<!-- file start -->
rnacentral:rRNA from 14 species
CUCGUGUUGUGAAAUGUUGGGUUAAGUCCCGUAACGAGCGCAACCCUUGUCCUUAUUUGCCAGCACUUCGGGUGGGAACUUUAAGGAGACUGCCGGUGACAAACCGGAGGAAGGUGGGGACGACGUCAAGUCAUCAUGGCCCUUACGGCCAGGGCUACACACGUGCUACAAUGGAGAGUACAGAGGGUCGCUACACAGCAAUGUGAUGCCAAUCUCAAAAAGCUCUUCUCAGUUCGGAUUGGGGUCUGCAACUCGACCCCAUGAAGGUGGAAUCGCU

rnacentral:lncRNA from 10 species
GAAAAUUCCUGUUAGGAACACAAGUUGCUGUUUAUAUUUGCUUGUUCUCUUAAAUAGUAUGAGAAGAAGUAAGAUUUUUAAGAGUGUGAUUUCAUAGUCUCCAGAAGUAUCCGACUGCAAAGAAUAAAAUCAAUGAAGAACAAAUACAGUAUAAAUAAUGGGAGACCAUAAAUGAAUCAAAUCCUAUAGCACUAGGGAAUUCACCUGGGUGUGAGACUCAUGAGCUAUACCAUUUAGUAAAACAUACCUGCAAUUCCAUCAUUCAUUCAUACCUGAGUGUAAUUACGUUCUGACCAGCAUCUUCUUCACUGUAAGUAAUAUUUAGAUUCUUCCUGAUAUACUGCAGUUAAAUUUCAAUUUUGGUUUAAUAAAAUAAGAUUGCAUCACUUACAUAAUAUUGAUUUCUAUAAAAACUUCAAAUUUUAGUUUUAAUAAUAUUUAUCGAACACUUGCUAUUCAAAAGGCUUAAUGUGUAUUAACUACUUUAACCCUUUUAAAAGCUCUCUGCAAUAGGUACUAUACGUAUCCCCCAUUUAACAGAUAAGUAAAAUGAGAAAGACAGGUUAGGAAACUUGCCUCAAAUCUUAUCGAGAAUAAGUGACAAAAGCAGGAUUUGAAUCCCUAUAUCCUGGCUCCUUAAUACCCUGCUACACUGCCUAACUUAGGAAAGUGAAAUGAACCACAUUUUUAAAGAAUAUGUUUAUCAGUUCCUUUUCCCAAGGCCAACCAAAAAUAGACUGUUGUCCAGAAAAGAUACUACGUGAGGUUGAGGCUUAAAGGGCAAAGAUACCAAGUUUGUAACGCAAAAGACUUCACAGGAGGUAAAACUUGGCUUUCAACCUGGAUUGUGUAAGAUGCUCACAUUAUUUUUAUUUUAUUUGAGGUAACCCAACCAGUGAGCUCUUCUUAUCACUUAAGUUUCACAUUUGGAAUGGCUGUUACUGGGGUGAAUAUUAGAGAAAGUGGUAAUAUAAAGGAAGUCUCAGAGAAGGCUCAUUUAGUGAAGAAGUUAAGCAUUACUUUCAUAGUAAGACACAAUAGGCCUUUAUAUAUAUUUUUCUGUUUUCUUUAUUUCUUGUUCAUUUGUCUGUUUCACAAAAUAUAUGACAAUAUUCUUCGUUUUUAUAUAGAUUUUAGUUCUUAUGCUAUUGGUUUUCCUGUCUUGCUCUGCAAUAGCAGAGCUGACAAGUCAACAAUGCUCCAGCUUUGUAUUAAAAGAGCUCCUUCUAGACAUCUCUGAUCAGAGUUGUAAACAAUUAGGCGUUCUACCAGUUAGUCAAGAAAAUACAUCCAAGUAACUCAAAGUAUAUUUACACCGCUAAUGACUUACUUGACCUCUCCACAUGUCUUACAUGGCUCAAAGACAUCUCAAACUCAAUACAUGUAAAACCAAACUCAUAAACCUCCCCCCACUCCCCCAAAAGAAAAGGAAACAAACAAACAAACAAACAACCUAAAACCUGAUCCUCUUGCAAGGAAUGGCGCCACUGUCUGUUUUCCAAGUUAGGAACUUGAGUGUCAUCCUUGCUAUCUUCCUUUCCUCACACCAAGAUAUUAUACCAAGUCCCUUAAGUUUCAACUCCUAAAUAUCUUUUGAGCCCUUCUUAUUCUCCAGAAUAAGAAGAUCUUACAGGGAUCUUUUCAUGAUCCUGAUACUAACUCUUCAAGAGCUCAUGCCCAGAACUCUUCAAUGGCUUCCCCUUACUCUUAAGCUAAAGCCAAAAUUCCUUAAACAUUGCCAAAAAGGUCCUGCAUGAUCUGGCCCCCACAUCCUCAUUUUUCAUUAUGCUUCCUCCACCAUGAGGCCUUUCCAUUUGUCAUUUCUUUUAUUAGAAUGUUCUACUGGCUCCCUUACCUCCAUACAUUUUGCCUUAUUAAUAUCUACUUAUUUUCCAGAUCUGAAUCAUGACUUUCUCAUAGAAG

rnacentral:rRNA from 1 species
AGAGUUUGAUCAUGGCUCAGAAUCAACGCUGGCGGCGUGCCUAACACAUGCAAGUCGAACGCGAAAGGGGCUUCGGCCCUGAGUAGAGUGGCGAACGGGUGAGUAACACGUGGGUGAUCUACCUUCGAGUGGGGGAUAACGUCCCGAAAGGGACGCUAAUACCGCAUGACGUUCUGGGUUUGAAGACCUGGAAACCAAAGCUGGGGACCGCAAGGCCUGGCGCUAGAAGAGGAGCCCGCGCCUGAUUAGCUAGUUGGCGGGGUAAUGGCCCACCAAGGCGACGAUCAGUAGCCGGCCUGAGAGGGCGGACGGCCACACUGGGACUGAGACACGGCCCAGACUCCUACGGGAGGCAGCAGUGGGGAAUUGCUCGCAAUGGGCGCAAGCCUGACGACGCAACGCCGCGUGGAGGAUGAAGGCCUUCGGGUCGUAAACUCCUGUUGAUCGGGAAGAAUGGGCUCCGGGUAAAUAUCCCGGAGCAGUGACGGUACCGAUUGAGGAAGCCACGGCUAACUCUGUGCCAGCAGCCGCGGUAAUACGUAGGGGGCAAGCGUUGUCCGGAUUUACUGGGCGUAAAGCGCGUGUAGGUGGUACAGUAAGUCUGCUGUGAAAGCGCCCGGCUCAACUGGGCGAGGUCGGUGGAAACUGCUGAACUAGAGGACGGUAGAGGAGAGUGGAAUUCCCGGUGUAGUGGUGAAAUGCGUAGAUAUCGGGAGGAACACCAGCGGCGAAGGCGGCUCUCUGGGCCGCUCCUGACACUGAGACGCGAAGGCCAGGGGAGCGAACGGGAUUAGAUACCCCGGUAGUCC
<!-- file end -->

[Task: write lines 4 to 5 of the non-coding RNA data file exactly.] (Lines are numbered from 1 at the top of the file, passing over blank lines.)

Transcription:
GAAAAUUCCUGUUAGGAACACAAGUUGCUGUUUAUAUUUGCUUGUUCUCUUAAAUAGUAUGAGAAGAAGUAAGAUUUUUAAGAGUGUGAUUUCAUAGUCUCCAGAAGUAUCCGACUGCAAAGAAUAAAAUCAAUGAAGAACAAAUACAGUAUAAAUAAUGGGAGACCAUAAAUGAAUCAAAUCCUAUAGCACUAGGGAAUUCACCUGGGUGUGAGACUCAUGAGCUAUACCAUUUAGUAAAACAUACCUGCAAUUCCAUCAUUCAUUCAUACCUGAGUGUAAUUACGUUCUGACCAGCAUCUUCUUCACUGUAAGUAAUAUUUAGAUUCUUCCUGAUAUACUGCAGUUAAAUUUCAAUUUUGGUUUAAUAAAAUAAGAUUGCAUCACUUACAUAAUAUUGAUUUCUAUAAAAACUUCAAAUUUUAGUUUUAAUAAUAUUUAUCGAACACUUGCUAUUCAAAAGGCUUAAUGUGUAUUAACUACUUUAACCCUUUUAAAAGCUCUCUGCAAUAGGUACUAUACGUAUCCCCCAUUUAACAGAUAAGUAAAAUGAGAAAGACAGGUUAGGAAACUUGCCUCAAAUCUUAUCGAGAAUAAGUGACAAAAGCAGGAUUUGAAUCCCUAUAUCCUGGCUCCUUAAUACCCUGCUACACUGCCUAACUUAGGAAAGUGAAAUGAACCACAUUUUUAAAGAAUAUGUUUAUCAGUUCCUUUUCCCAAGGCCAACCAAAAAUAGACUGUUGUCCAGAAAAGAUACUACGUGAGGUUGAGGCUUAAAGGGCAAAGAUACCAAGUUUGUAACGCAAAAGACUUCACAGGAGGUAAAACUUGGCUUUCAACCUGGAUUGUGUAAGAUGCUCACAUUAUUUUUAUUUUAUUUGAGGUAACCCAACCAGUGAGCUCUUCUUAUCACUUAAGUUUCACAUUUGGAAUGGCUGUUACUGGGGUGAAUAUUAGAGAAAGUGGUAAUAUAAAGGAAGUCUCAGAGAAGGCUCAUUUAGUGAAGAAGUUAAGCAUUACUUUCAUAGUAAGACACAAUAGGCCUUUAUAUAUAUUUUUCUGUUUUCUUUAUUUCUUGUUCAUUUGUCUGUUUCACAAAAUAUAUGACAAUAUUCUUCGUUUUUAUAUAGAUUUUAGUUCUUAUGCUAUUGGUUUUCCUGUCUUGCUCUGCAAUAGCAGAGCUGACAAGUCAACAAUGCUCCAGCUUUGUAUUAAAAGAGCUCCUUCUAGACAUCUCUGAUCAGAGUUGUAAACAAUUAGGCGUUCUACCAGUUAGUCAAGAAAAUACAUCCAAGUAACUCAAAGUAUAUUUACACCGCUAAUGACUUACUUGACCUCUCCACAUGUCUUACAUGGCUCAAAGACAUCUCAAACUCAAUACAUGUAAAACCAAACUCAUAAACCUCCCCCCACUCCCCCAAAAGAAAAGGAAACAAACAAACAAACAAACAACCUAAAACCUGAUCCUCUUGCAAGGAAUGGCGCCACUGUCUGUUUUCCAAGUUAGGAACUUGAGUGUCAUCCUUGCUAUCUUCCUUUCCUCACACCAAGAUAUUAUACCAAGUCCCUUAAGUUUCAACUCCUAAAUAUCUUUUGAGCCCUUCUUAUUCUCCAGAAUAAGAAGAUCUUACAGGGAUCUUUUCAUGAUCCUGAUACUAACUCUUCAAGAGCUCAUGCCCAGAACUCUUCAAUGGCUUCCCCUUACUCUUAAGCUAAAGCCAAAAUUCCUUAAACAUUGCCAAAAAGGUCCUGCAUGAUCUGGCCCCCACAUCCUCAUUUUUCAUUAUGCUUCCUCCACCAUGAGGCCUUUCCAUUUGUCAUUUCUUUUAUUAGAAUGUUCUACUGGCUCCCUUACCUCCAUACAUUUUGCCUUAUUAAUAUCUACUUAUUUUCCAGAUCUGAAUCAUGACUUUCUCAUAGAAG

rnacentral:rRNA from 1 species